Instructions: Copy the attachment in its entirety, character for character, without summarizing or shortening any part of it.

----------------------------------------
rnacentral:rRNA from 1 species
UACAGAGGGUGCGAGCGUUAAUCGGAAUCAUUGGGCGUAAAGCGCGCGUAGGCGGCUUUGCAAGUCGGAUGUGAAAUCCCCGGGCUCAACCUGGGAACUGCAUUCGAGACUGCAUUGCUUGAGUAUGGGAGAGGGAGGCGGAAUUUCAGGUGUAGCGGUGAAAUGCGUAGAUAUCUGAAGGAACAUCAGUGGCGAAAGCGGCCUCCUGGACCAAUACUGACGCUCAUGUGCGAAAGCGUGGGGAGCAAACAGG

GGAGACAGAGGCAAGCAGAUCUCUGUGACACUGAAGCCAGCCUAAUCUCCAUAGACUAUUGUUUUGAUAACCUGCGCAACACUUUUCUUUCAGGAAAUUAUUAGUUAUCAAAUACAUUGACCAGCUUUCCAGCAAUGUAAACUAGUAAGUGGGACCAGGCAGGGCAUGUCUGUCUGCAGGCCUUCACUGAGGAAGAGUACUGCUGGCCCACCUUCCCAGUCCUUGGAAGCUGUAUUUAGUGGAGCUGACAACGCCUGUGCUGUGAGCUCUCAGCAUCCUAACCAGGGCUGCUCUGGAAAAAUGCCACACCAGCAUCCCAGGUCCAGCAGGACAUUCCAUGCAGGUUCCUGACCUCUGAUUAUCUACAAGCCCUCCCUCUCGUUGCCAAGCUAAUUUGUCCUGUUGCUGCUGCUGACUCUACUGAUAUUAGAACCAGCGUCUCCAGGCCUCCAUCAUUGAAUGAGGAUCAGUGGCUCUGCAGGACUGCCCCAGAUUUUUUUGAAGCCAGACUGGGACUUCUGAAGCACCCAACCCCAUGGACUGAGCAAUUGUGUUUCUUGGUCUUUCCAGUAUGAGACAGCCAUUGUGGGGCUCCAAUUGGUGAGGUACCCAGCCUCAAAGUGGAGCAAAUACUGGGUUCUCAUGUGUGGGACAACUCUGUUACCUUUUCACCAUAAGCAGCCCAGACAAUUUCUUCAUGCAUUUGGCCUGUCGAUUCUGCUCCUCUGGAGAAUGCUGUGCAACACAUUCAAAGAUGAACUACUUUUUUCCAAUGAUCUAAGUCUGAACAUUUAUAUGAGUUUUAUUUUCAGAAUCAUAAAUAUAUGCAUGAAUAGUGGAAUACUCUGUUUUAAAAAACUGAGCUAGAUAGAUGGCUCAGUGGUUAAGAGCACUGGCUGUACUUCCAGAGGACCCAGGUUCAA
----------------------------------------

rnacentral:rRNA from 1 species
UACAGAGGGUGCGAGCGUUAAUCGGAAUCAUUGGGCGUAAAGCGCGCGUAGGCGGCUUUGCAAGUCGGAUGUGAAAUCCCCGGGCUCAACCUGGGAACUGCAUUCGAGACUGCAUUGCUUGAGUAUGGGAGAGGGAGGCGGAAUUUCAGGUGUAGCGGUGAAAUGCGUAGAUAUCUGAAGGAACAUCAGUGGCGAAAGCGGCCUCCUGGACCAAUACUGACGCUCAUGUGCGAAAGCGUGGGGAGCAAACAGG

GGAGACAGAGGCAAGCAGAUCUCUGUGACACUGAAGCCAGCCUAAUCUCCAUAGACUAUUGUUUUGAUAACCUGCGCAACACUUUUCUUUCAGGAAAUUAUUAGUUAUCAAAUACAUUGACCAGCUUUCCAGCAAUGUAAACUAGUAAGUGGGACCAGGCAGGGCAUGUCUGUCUGCAGGCCUUCACUGAGGAAGAGUACUGCUGGCCCACCUUCCCAGUCCUUGGAAGCUGUAUUUAGUGGAGCUGACAACGCCUGUGCUGUGAGCUCUCAGCAUCCUAACCAGGGCUGCUCUGGAAAAAUGCCACACCAGCAUCCCAGGUCCAGCAGGACAUUCCAUGCAGGUUCCUGACCUCUGAUUAUCUACAAGCCCUCCCUCUCGUUGCCAAGCUAAUUUGUCCUGUUGCUGCUGCUGACUCUACUGAUAUUAGAACCAGCGUCUCCAGGCCUCCAUCAUUGAAUGAGGAUCAGUGGCUCUGCAGGACUGCCCCAGAUUUUUUUGAAGCCAGACUGGGACUUCUGAAGCACCCAACCCCAUGGACUGAGCAAUUGUGUUUCUUGGUCUUUCCAGUAUGAGACAGCCAUUGUGGGGCUCCAAUUGGUGAGGUACCCAGCCUCAAAGUGGAGCAAAUACUGGGUUCUCAUGUGUGGGACAACUCUGUUACCUUUUCACCAUAAGCAGCCCAGACAAUUUCUUCAUGCAUUUGGCCUGUCGAUUCUGCUCCUCUGGAGAAUGCUGUGCAACACAUUCAAAGAUGAACUACUUUUUUCCAAUGAUCUAAGUCUGAACAUUUAUAUGAGUUUUAUUUUCAGAAUCAUAAAUAUAUGCAUGAAUAGUGGAAUACUCUGUUUUAAAAAACUGAGCUAGAUAGAUGGCUCAGUGGUUAAGAGCACUGGCUGUACUUCCAGAGGACCCAGGUUCAA